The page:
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Artie can take a hint, vows his drinking days are over

Just about the healthiest looking patient in all of St. Joseph's Hospitalis in Room 407. Certainly the strongest. Art Donovan may look like an animatedbowl of jello when it comes to muscle definition, but he has the strength toknock down a building.

Donovan, the first Baltimore Colt to enter the Pro Football Hall of Fame,whimsical star of stage, screen, radio and television, had a spell ofdizziness that caused his wife, Dorothy, to summon an ambulance. St. Joseph'sHospital will never be the same.

"The Good Lord gave me a warning," he said. "And believe me, I got themessage. No more drinking. That's over with. My hand to God."

At one time, Donovan would drink a case of beer a day, absorbing it asthough he was a giant sponge, and still be able to walk a straight line. Buthe finally stopped after a good doctor friend gave him an ultimatum. "That wasmost commendable," acknowledged Dorothy.

With Donovan laying off the suds, it necessitated a cut-back in productionat the brewery of his favorite brand. Artie was never a problem drinker, buthis friends wanted to see him ease off to assure continuing good health and along life.

"The other night, at a restaurant, I had about eight glasses of whitewine," he recalled. "I got woozy. I hadn't eaten much during the day. Thedoctors are giving me tests. The most important thing they found out, fromchecking my blood, is I didn't have a heart attack."

Upon arrival at the hospital, a reading, which is assumed to be accurate,was taken on his weight. The scale stopped at 302. But he has already lost 10pounds. An encouraging sign.

"Yeah, a lot of my friends have been in to see me," he observed withpleasure. "Like Jimmy Mutscheller, Sisto Averno, who came with me to the Coltsin 1950; Art DeCarlo, George Young's step-cousin, who is a priest; and TomDavis, the broadcaster. Ordell Brasse is out in South Dakota at a reunion athis old school, or he would have been here. I call him 'Bugs'."

Donovan then said he'd been giving a lot of thought to "Big Daddy," theother tackle on Baltimore's NFL title teams of 1958 and '59, one Eugene "BigDaddy" Lipscomb.

"Yeah, I've been thinking of 'Daddy.' Gee, how about the time we werepracticing before a game with the Los Angeles Rams in Santa Barbara and weredressing in the swimming pool locker room by the hotel.

"I remember 'Daddy' shoved out his arm to full length and showed it to ourcoach, Weeb Ewbanks [he still likes to put an 's' on Ewbank's name]. Weebdidn't know what the hell to think. Whew, that 'Big Daddy' had some arm."

Next Arthur started to reflect on his boyhood days in the Bronx, when hewas a part of a neighborhood "army" that would drill every Saturday under thegeneralship of Eddie McCarthy. "Eddie was one of our crowd. He was crazy. Onetime, he was fooling around with some gunpowder or something and blew the roofoff the garage. He burned all his hair off. The last time I saw Eddie was in1946 and he was going to Mexico to hunt gold."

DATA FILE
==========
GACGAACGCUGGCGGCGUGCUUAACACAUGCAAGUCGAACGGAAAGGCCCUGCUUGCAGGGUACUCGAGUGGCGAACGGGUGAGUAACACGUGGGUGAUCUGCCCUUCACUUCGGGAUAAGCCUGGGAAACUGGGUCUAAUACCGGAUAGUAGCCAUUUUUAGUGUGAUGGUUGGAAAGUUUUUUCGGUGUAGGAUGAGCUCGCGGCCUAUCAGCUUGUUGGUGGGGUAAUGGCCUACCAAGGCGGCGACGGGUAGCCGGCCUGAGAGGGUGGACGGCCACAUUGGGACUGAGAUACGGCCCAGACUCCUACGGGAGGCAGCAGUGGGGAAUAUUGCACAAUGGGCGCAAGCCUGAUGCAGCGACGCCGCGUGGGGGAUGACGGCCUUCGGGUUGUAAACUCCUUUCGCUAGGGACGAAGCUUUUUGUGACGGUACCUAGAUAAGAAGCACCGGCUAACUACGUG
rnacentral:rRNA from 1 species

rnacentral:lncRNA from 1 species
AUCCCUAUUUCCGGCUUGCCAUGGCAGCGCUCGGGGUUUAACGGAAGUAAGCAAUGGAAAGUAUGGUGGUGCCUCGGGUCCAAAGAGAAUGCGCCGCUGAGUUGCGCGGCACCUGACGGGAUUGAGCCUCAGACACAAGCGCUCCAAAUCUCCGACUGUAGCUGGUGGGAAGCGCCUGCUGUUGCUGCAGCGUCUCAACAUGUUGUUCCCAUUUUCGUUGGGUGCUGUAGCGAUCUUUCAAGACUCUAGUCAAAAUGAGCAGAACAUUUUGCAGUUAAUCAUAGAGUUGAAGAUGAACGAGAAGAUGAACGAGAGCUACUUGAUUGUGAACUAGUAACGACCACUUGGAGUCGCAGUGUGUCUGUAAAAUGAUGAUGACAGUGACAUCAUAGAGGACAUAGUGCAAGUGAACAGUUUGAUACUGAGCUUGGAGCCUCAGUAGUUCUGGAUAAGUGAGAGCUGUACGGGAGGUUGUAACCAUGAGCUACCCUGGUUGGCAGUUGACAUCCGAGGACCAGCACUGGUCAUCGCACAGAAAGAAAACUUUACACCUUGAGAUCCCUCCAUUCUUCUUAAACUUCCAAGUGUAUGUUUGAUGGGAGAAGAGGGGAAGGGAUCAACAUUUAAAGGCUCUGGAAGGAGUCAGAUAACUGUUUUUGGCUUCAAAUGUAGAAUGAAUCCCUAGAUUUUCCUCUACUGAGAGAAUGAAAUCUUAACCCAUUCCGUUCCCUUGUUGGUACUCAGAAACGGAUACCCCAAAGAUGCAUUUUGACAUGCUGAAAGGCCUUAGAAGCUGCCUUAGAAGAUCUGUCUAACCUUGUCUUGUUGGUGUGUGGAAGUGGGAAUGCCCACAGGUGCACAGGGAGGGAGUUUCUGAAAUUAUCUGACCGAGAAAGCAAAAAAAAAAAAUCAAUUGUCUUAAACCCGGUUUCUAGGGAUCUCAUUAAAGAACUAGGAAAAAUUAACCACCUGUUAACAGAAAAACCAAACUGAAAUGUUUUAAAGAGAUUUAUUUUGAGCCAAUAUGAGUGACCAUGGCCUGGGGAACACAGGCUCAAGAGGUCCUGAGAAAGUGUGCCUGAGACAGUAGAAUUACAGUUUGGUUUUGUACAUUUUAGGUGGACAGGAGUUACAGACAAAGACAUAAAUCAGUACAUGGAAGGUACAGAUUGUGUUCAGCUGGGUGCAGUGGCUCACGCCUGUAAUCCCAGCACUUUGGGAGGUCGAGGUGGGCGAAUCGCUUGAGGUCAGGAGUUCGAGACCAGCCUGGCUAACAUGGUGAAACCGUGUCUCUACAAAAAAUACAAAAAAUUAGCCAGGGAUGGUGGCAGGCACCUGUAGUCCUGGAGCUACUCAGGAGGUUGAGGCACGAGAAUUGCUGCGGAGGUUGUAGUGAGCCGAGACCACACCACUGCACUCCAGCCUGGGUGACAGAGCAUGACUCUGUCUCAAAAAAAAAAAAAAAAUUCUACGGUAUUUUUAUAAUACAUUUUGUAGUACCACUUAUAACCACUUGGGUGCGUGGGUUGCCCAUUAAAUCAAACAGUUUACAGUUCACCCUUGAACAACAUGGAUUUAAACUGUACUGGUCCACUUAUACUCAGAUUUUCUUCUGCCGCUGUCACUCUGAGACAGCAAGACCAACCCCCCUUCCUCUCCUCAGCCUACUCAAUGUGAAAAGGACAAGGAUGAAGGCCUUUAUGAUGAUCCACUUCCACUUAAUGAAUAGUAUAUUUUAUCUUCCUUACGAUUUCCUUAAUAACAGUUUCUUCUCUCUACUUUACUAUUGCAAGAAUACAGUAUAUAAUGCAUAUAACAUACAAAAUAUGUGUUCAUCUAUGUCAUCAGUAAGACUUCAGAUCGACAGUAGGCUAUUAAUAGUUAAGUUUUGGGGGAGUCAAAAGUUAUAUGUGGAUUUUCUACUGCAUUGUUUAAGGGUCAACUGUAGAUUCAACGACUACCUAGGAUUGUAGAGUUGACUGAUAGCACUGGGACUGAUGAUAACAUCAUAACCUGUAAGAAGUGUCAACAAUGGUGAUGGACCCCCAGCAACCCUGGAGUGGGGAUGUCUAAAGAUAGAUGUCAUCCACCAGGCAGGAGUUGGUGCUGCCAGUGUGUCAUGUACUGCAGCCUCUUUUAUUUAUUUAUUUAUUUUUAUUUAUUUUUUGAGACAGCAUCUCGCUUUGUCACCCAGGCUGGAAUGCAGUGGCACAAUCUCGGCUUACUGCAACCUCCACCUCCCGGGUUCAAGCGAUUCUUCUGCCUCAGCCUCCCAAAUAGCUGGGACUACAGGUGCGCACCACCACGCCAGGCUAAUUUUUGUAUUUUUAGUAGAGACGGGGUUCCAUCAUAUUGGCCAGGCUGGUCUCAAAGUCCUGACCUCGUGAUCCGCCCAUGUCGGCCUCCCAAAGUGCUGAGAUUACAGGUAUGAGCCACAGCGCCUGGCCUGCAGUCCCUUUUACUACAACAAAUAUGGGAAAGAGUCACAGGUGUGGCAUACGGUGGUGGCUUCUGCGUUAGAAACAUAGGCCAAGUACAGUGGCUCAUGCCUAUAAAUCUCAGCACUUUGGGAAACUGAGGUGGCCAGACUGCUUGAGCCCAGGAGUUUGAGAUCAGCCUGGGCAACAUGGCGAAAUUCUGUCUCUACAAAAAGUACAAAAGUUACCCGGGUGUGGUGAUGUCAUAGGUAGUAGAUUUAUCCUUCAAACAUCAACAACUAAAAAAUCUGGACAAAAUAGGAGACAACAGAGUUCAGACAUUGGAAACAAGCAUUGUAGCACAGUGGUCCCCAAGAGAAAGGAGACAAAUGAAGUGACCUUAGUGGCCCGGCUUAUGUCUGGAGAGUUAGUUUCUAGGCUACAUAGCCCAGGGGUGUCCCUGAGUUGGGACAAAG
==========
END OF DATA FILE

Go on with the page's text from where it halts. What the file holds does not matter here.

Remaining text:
What about another member of your old crowd, one Jerry Sheridan? "Gee,what a good looking guy. But he was one of those top-shelf Irishmen. He had ahat, but he would carry it. He'd be walking to church on Sunday carrying hishat. I never saw anything like it. A charmer.

"One time in Chicago, after a game, we were at the Windemere East. I wasat the bar with Sam Banks, our publicity man, and a sports writer. We werehaving a few laughs. Suddenly, they paged me. I figure who the hell knows mein Chicago?

"It was Jerry Sheridan. He invited us to a party at the Drake Hotel. Wewent over and took Dick Barwegen. What a time we had. Some oil millionairefrom St. Louis named Dolan, I think his first name was Jimmy, or something. Wedrank a bathtub of beer and he told us, 'Boys, order all the steak sandwichesyou want.' We had some time. On the way back in a cab, we saw old 'Tuffy,'another sports writer, sitting on a curbstone. He might have been drunk, too.I tell you, they were some days back then."

Donovan is impressed and thankful for the hospital care.

"Yeah, all these wonderful nuns come in here and say, 'God bless you,' andtell me I'm a wonderful boy. They ought to know what a rat I am."

But Arthur has been known to be self-deprecating. Another example.

Have you heard from "Big Stoop," he was asked, a reference to some boxerhe fought in a inter-regimental match in the Marine Corps?"I never liked to fight," he said. "And 'Big Stoop' was from Minnesota ,orsomeplace, and they talked about him like he was Jack Dempsey. I was so scaredin the corner I wet my pants. Then the bell rang. 'Big Stoop' was holding hishands like a girl. I punched him, knocked him down and then kicked him as thereferee counted. You should have heard those Marines in my regiment cheering.I never saw 'Big Stoop' again."

Art Donovan was impressed with a visit from Baltimore Archbishop WilliamKeeler.

"What a nice man," he said. "You can understand why he's an archbishop.Bishop William Newman brought him. Now that's another nice man. I'm reallylucky to have such a hell of a lot of good friends."

With that, Art Donovan held up a glass of milk and drank it down. He's onthe road to good health. All friends and admirers will drink to that.

Copyright © 2015, The Baltimore Sun
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